Seasonal affective disorder? How the seasons affect customer acquisition and what to do about it
Author: Jasper Martens, Ambassador, Financial Services Group
When you work for a financial brand you’re probably familiar with seasonality in your customer acquisition. For example at PensionBee, we tend to see a nice uptick in customers in January and September. But aside from the initial hallelujah from your performance marketing team, CEO and customer success teams, there are some pitfalls too. The trick is to be aware of them and develop ways to mitigate the negatives by applying these four top tips.
1. Compare conversion rate changes
In January you’ll notice more customers coming through your acquisition channels and you’ll instantly notice conversion improvements. While that is great news, it’s a perfectly normal seasonal movement: January is famously the month where people like to tidy up their personal finances. There is plenty of noise from the media and other financial brands so most consumers are sucked into this dream of finding financial bliss.
Tip 1: do a comparison with January last year. Does your conversion rate increase still stack up? How does your CTR’s compare with a few months ago? If you’re still winning after this, break out the cake.
2. Expect a higher cancellation rate
One negative side effect of a frantic January is a resulting increase in the cancellation rate. Your customer is feeling stressed to sort their finances out and is short of time, so might sign up more easily to products they might not totally understand. Particularly sign up journeys with low barriers may spark more eventual cancellations when customers emerge from the seasonal effect.
Tip 2: cancellation waves can last a few weeks but don’t give yourself all the blame. Introduce clarification messages in the form of email or push notifications post sign up, re-iterating what your service offers. When you provide a high value service, think about introducing a welcome call so that your customer knows exactly what they have signed up to.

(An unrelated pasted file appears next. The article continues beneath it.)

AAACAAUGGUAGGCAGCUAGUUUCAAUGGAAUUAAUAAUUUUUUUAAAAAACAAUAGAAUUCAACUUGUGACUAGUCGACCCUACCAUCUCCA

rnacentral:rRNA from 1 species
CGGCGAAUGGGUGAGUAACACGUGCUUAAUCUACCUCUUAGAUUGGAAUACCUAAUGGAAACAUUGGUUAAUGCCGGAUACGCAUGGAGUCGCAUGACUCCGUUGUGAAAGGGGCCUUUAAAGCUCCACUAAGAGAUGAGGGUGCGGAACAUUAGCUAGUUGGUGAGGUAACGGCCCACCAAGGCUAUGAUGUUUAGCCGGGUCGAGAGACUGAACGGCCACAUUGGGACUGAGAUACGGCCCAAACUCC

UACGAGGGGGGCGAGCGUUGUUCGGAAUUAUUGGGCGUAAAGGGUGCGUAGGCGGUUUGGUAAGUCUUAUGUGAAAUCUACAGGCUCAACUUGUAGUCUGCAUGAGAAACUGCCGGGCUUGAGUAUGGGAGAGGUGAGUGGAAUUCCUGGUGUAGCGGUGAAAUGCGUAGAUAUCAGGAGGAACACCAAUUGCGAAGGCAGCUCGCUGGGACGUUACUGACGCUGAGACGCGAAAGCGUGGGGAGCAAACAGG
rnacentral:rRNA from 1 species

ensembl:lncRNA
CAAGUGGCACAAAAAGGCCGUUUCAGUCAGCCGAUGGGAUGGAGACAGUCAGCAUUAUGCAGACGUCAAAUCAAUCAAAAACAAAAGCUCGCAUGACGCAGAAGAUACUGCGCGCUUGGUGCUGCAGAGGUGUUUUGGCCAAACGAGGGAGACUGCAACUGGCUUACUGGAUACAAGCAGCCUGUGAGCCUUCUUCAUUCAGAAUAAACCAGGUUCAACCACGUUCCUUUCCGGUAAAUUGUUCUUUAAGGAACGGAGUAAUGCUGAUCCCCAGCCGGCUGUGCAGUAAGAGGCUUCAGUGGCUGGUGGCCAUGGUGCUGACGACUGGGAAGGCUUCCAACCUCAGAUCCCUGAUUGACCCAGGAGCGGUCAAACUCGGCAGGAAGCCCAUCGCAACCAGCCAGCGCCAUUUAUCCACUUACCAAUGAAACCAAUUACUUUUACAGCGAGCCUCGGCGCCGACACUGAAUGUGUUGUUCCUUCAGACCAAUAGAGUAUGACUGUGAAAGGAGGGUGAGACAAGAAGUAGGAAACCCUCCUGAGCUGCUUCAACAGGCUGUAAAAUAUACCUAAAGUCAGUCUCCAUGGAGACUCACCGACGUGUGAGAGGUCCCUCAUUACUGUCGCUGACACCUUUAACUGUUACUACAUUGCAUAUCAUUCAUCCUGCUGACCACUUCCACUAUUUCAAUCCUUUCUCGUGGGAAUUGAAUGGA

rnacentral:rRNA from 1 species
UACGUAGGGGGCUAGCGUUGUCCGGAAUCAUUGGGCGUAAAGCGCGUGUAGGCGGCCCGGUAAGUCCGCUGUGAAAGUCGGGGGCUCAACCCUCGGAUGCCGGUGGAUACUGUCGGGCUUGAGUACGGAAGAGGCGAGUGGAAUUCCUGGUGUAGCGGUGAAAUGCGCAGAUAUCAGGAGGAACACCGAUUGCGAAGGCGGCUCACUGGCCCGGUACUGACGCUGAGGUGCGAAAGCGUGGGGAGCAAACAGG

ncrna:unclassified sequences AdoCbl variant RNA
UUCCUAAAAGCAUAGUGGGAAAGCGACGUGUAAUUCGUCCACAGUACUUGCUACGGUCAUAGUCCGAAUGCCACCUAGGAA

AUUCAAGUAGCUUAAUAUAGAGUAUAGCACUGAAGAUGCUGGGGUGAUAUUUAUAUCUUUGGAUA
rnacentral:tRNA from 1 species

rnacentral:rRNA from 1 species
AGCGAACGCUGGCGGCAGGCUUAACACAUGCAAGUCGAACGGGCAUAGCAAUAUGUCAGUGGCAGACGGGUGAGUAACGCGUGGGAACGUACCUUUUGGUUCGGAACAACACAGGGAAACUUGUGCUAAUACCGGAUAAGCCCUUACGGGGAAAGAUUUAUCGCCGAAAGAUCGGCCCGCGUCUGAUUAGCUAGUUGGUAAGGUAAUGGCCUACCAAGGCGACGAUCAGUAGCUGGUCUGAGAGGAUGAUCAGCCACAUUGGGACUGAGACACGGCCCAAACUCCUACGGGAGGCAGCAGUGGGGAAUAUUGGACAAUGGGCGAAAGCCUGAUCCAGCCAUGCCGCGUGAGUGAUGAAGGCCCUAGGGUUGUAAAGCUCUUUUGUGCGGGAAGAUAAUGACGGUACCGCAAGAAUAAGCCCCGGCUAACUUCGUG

3. App installs are more prone to increased seasonal cancellations
The recent Open Banking trend has brought a wave of new customers to financial apps through marketplaces of banks and other money apps which is fantastic, however it can also attract too many customers who are not fully aware of what you do. App store descriptions and T’s and C’s are often not read, and app introduction tutorials are often skipped. Combine this with your time pressured January consumer and you potentially have a toxic recipe for higher cancellations.
Tip 3: experience the journey yourself. Is it clear enough to you what you offer? Make sure you use a stopwatch and complete the sign up in the same amount of time as your average customer through that channel. This low-tech sense check of the whole sign-up journey will help you understand where to make changes if needed.
4. Intent on Google search affects your brand’s search results
When search intent increases and your product is becoming ‘in season’ Google will alter its algorithm and suddenly boost your visibility. While your potential customers might not search for you during a low season, in high season, traffic can dramatically increase. High intent search volume with relevant search terms is not to be sniffed at. But don’t be caught sleeping on your SEO during low season!
Tip 4: make sure you’ve done your SEO homework while it’s low season. Investigate latent intent from your audience, optimise your online content and give it time to rank on the right keywords.
By using these four tips, I really hope you’re able to on-board many committed seasonal customers, without the hangovers!